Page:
Most landscapers use leaf blowers with two-stroke engines, which are light enough to carry but produce significant exhaust and noise. The gas and oil mix together, and about a third of it does not combust. As a result, pollutants that have been linked to cancers, heart disease, asthma and other serious ailments escape into the air.
In 2011, Edmunds, the car reviewer, compared a two-stroke-engine leaf blower with a Ford F-150 Raptor pickup truck, finding that a half-hour of yardwork produced the same amount of hydrocarbon emissions as a 3,887-mile drive in the truck. In other words: Blow leaves from your lawn, or drive from Maplewood to Juneau, Alaska. Your choice.
Landscapers say that the leaf blower is an essential tool and, when used properly, is not a nuisance. “If they’re used at half speed, which is significantly lower in noise volume, they’re much more efficient,” said Paul Mendelsohn, vice president of government relations for the National Association of Landscape Professionals. As for the leaf blower bans: “I really don’t think they’re fair,” he said.
Two seemingly unrelated trends may also be contributing to the problem. The number of people working from home is growing and so too is the lawn care industry. Between 2002 and 2016, the number of professional ground maintenance workers, including supervisors, grew by 85 percent to 1.6 million, according to Quiet Communities.
What does it look like when those two forces collide? For that, I spoke with Susan Greeley, 48, a film programmer who works out of her three-bedroom house in Maplewood. She moved from Carroll Gardens, Brooklyn, three years ago in search of quiet but has instead found this: Every Tuesday, the landscapers arrive at 8 a.m. For the next seven hours, they move from one house to the next, filling her home with cacophony.
At times, the noise is so loud she has to retreat to the basement to take work calls, and she is unable to watch the films she needs to review. “We were basically trapped in our home with this deafening noise and this disgusting smell,” she said. “It’s far beyond an annoyance.”
Last year’s ban, she said, “was fantastic,” reducing the intrusion substantially.
But landscaping troubles are not universal. After all, misery is relative. Erika Imranyi, 38, a book editor who moved from Jersey City to South Orange, next to Maplewood, in November finds her new neighborhood “eerily quiet,” although she has yet to experience a suburban summer.
“There was one car alarm in Jersey City that would go off constantly,” she recalled. “It would honk for a few minutes and then stop, and you’d have this moment of relief, and then suddenly it would start again and you’d think you were losing your mind. I’ll take a leaf blower any day.”
James Nathenson, 68, a retired banker who lives in Maplewood, said, “It’s never been to me an issue that is worthy of a lot of agitation.” Instead of passing new laws, Mr. Nathenson suggests that the town enforce existing rules that limit hours and decibels. “See how that works,” he said.
Indeed, enforcement can be a problem. Nearby Montclair has had a similar ban in place since 1994, and some landscapers flout it, arguing that it is unevenly enforced, partly because the town uses leaf blowers to maintain public property. “I don’t look at it as breaking the law, I look at it as I’m doing my job,” said Richard Galioto, an owner of King and I Landscaping in Bloomfield, which services Montclair. Mr. Galioto is a vocal critic of the policy, which he thinks is discriminatory. “I’ll do it 365 days a year if I have to,” he said.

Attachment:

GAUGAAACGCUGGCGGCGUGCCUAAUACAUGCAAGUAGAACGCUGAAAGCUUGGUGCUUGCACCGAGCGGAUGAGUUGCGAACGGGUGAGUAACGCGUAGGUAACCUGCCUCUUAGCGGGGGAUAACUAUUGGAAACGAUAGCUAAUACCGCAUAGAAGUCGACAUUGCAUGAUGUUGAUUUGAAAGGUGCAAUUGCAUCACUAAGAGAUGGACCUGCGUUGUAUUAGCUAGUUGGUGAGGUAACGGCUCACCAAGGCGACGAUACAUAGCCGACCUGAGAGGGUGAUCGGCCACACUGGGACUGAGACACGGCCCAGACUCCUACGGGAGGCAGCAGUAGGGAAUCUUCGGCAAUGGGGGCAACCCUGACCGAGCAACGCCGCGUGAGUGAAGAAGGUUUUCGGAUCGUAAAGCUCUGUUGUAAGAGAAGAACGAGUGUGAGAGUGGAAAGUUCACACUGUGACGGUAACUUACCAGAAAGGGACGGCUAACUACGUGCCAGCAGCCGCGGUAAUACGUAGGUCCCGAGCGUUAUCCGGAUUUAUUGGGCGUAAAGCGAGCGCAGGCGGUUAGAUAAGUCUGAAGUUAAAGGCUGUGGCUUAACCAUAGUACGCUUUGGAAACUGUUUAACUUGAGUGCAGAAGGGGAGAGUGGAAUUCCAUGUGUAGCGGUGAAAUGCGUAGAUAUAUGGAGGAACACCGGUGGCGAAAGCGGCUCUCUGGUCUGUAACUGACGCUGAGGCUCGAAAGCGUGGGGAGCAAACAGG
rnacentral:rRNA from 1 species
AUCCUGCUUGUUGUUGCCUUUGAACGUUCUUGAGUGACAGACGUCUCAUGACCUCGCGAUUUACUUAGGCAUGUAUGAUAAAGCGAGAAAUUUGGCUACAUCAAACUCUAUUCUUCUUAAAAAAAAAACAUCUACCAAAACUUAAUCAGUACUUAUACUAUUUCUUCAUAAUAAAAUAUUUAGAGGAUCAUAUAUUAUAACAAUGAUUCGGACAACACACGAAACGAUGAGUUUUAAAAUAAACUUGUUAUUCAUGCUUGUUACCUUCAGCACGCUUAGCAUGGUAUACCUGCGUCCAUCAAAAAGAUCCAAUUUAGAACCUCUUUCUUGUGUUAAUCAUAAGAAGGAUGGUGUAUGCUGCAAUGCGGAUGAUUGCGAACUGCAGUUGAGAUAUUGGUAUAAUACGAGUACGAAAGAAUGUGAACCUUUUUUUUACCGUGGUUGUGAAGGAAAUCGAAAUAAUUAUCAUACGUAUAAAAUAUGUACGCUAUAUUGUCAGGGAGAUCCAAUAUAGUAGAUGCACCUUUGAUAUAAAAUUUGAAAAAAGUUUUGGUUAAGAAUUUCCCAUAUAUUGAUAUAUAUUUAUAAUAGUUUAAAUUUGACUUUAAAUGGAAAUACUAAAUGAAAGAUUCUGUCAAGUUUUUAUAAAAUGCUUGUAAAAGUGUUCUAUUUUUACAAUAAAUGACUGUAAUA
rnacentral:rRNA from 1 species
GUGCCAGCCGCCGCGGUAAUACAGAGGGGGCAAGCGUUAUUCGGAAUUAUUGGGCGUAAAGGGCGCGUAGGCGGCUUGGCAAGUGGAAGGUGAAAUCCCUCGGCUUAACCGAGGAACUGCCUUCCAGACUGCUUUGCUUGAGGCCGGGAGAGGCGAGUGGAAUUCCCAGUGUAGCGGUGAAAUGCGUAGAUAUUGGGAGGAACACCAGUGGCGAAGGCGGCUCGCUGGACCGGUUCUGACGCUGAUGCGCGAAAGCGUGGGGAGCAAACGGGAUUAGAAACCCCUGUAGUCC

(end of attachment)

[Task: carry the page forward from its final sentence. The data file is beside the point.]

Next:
So that leaves people like Fred Chichester, 79, of Montclair, to play the role of leaf blower police. When he hears the blowers roar, he gets into his 1998 Ford Escort wagon, one of his seven cars, and looks for the culprits, suing them in municipal court for violating the ban. He has taken landscapers to court about 20 times over the years.
“The local judge knows him well,” said his wife, Patricia C. Kenschaft, 77, a retired math professor who mows her lawn with a manual reel mower. “He usually wins.”
Ultimately, landscapers say that restrictions breed shabbier results. “The properties aren’t as pretty as we’d like them to be,” said Alan Bella Jr., a landscaper who services Maplewood. “It comes down to cosmetics.”
Cosmetics, though, are a matter of taste. Must a lawn be perfectly clean to be perfect?
More sustainable plantings, for example, require less maintenance. Leaving leaves and grass clippings to mulch in place would reduce the need for blowers, and add nutrients to the soil. And landscapers could invest in cleaner and quieter equipment. “There are other ways to do the job,” Dr. Banks, of Quiet Communities, said. “Landscaping used to be more than scorched earth cleanup.”
The Medical Society of the State of New York recently passed, a landmark resolution addressing the negative health effects of the toxins and harmful noise created by gas leaf blowers. Suffolk County has received an "F" in air quality from the American Lung Association for the past 15 years. In one hour, one gas leaf blower produces as much smog as 17 cars. One half hour of one gas leaf blower's use is equal to one car driving 440miles. Gas leaf blowers utilize a highly polluting 2-stroke engine of which 30% of the blower's fuel is sent into our air. India, Indonesia, Malaysia and other developing countries are eliminating 2-stroke engines because of the high pollution and serious health effects they produce.
It is crazy, that we in our developed nation, actually pay landscapers weekly to deposit toxins, carcinogens and fine particulate matter from gas leaf blowers, even when there are no leaves, right to our front doors.
Tell your landscaper and town council to ban/restrict gas leaf blowers so we can all breathe easier.
Huntington CALM goes on a field trip to the Long Island Horticultural Research Lab to see state of the art Lithium Ion commercial lawn equipment.